Marilyn Call Walker ’52 writes that she and husband, Reed Walker ’60, were “very interested” in the Spring edition of Utah State magazine, especially Lifting the African Sky, an article detailing Layne Coppock’s work in Ethiopia and northern Kenya. After Reed retired from teaching school, the Walkers went to Zimbabwe on a mission for the Church of Jesus Christ of Latter-day Saints. Upon their return home, they immediately desired to go back and eventually served in Kenya, Ethiopia and Uganda. “We love Africa,” writes Marilyn, who herself taught school after graduating. Now in their 80s, the Walkers live in Perry, Utah, where Reed designed and built Walker Cinemas. They also own Cinefour Theater in Logan, and Walker Cinemas in Ogden, Utah.
D. Wayne Linn ’63 Ph.D. has a fish named after him — which not everybody who sends in class notes can (truthfully) say, although over the years, we imagine, some have tried. Collected by Trevor Davies at Lake Malawi, Haplochromis linni is a striking creature known for its contrasty appearance, extra-long dorsal and its “not incurved posteriorly” lower jaw. Because let’s face it, if that lower jaw were incurved, we’d be talking the genus Lethrinops, right? At any rate, Linn was given the honor, when as a Peace Corp volunteer and Malawi’s chief fisheries officer, he facilitated a discovery-filled expedition to the lake in October of 1974. But that’s only one highlight in a life well lived— lest we neglect such grand memories as marching with wife, Fae, to celebrate the 50th anniversary of the Peace Corps in the local Ashland, Oregon, 2011 Fourth of July parade, spending summers at Rocky Mountain National Park doing research on fish in backcountry lakes, a similar stint in Grand Teton National Park and seeing son Jay become a cargo plane pilot, daughter Jenni a Red Cross administrator and son Doug a botanist/administrator for the BLM. Linn, who chaired the department of biology at Southern Oregon State College (now university) also taught at Dakota Wesleyan University, Utah State, the University of Swaziland and was a research chemist at the Mayo Clinic. He and Fae have traveled around the world “at least a couple of times.”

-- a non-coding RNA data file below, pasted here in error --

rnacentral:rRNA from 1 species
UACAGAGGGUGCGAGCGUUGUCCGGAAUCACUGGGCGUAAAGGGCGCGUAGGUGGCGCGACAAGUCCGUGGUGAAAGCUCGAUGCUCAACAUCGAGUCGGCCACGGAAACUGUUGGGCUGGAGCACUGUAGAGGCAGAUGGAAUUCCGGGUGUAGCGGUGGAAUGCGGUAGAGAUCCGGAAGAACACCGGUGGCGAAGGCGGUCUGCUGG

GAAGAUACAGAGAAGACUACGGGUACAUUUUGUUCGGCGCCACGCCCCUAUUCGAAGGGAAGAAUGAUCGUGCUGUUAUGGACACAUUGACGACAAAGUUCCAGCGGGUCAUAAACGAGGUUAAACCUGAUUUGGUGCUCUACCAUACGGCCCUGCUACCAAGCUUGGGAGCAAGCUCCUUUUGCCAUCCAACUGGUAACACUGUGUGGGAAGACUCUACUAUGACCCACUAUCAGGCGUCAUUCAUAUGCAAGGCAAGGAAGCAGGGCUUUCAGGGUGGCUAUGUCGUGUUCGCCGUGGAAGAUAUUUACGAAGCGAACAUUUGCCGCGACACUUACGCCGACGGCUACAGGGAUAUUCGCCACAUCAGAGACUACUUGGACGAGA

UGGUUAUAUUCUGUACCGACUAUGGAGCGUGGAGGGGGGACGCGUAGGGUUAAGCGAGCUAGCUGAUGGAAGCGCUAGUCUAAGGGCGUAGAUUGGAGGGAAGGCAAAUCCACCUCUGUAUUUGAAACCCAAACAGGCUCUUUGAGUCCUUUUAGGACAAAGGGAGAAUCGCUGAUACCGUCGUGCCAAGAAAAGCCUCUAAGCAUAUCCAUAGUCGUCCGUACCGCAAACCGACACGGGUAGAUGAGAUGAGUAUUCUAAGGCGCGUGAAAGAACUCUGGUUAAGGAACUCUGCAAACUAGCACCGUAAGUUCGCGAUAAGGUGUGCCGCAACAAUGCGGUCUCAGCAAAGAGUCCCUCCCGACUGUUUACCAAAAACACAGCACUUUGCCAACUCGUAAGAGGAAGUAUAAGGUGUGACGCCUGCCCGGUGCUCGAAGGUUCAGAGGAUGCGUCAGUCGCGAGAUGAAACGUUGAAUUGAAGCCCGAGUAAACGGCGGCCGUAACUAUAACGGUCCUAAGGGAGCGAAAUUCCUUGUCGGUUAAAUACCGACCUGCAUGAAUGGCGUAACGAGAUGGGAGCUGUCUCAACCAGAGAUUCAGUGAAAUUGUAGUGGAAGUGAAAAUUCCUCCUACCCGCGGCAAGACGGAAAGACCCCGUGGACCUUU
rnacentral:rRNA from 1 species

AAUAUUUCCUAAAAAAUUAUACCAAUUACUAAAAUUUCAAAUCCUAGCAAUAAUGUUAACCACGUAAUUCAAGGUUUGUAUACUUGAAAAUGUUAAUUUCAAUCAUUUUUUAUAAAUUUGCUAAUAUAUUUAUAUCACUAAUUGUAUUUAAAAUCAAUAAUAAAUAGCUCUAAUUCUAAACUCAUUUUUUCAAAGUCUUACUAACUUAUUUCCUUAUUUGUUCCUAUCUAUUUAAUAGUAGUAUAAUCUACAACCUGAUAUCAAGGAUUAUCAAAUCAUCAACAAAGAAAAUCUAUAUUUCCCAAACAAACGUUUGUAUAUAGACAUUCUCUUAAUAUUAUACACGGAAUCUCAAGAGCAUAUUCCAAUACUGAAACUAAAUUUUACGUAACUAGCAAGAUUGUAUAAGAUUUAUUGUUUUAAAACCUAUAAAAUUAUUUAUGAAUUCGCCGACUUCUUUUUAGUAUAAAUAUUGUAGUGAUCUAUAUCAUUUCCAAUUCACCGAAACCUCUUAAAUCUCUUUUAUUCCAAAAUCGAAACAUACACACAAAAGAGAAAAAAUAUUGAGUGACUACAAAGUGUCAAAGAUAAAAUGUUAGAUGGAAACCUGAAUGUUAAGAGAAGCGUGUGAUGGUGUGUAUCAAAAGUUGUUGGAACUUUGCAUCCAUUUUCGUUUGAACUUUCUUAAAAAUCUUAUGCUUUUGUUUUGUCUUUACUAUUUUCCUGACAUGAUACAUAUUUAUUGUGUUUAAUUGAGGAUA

Emeritus Professor Richard B. Powers, who retired from Utah State University in 1987, has written The Astoria Chinatown Conspiracy, an historical crime novel based in 19th century Astoria, Oregon, where race tensions run high. Powers, who still teaches a course in conflict resolution at Portland State University, harbors a life-long interest in studying cooperation and in helping students to see things through the eyes of “the other.”
Beverly Wahl ’94 “can honestly say” that she uses her degree in psychology every day. She’s been employed for 12 years at Montana’s JCCS Accounting as an administrative assistant and enjoys working with clients. She reports “many wonderful” life changes since her graduation, including her son’s graduation from the University of Texas at Austin and her marriage to Tom Wahl, the most wonderful man she calls her “Cowboy.” Beverly has two step-daughters now attending college in Kentucky and, with Tom, enjoys her lovely home located on five acres at the base of the Bridger Mountains overlooking the Gallatin Valley. “This is truly the ‘Last Best Place,’” she says. Still, though, she harbors favorite memories of how beautiful the USU campus was during autumn and of select professors and classmates, to whom she extends many thanks for support and friendship.
Gina Andrews ’96 is a Foreign Service Officer with the U.S. State Department. She received a master’s degree in international relations from the University of Pittsburgh. She is married to Timothy Huizar a Texas A&M Aggie who is likewise a Foreign Service Officer. Currently assigned to Jordan, the couple and their three children are living in Amman. Previous assignments have been in Washington, D.C., Bosnia, Croatia, Iraq, Kosovo and Ireland. Gina and Tim enjoy their work and appreciate the education, training and circumstances enabling them to represent the United States in a variety of nations and cultures.
Cary Burr ’97 is working as the vice president of crane sales at Louisiana-based H and E Equipment Services, Inc. He’s spent more than two decades in various roles within H and E, including time in a sales internship in 1995.